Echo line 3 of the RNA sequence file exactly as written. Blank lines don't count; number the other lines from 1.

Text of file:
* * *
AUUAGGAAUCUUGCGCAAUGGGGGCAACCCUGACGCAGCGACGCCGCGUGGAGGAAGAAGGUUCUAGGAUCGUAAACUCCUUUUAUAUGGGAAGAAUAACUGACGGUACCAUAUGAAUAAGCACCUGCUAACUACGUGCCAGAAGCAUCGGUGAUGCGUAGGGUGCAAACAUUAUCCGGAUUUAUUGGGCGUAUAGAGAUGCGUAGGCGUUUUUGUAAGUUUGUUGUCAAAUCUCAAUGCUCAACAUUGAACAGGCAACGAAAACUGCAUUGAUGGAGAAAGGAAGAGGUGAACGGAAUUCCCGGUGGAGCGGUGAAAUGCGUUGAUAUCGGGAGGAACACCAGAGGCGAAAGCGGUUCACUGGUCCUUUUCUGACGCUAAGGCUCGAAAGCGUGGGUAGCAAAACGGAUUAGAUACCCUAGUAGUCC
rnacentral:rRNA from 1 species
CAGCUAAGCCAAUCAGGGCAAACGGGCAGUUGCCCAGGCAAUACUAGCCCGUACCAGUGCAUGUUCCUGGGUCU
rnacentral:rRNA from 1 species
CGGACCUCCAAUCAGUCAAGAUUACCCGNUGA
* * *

CAGCUAAGCCAAUCAGGGCAAACGGGCAGUUGCCCAGGCAAUACUAGCCCGUACCAGUGCAUGUUCCUGGGUCU